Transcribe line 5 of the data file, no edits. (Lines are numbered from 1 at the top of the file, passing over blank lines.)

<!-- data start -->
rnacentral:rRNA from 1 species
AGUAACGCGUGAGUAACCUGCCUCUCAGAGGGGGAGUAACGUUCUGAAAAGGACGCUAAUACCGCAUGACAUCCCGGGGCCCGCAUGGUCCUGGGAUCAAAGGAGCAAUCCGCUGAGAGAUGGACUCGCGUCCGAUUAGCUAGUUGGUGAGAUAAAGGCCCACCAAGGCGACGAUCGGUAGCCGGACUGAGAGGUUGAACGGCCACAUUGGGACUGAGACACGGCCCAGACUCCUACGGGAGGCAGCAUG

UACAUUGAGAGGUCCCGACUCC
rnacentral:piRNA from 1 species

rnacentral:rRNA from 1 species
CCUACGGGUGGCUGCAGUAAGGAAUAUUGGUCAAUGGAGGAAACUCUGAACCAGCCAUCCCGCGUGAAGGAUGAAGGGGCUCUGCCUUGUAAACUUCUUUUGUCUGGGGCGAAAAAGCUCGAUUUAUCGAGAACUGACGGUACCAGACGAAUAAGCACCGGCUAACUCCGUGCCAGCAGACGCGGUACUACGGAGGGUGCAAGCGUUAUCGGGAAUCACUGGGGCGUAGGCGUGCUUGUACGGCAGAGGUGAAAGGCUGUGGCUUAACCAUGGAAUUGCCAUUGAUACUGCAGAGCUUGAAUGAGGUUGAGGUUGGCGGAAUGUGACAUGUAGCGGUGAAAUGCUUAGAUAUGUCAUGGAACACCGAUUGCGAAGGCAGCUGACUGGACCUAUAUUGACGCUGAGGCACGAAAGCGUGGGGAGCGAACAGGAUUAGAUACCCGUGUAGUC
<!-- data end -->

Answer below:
rnacentral:rRNA from 1 species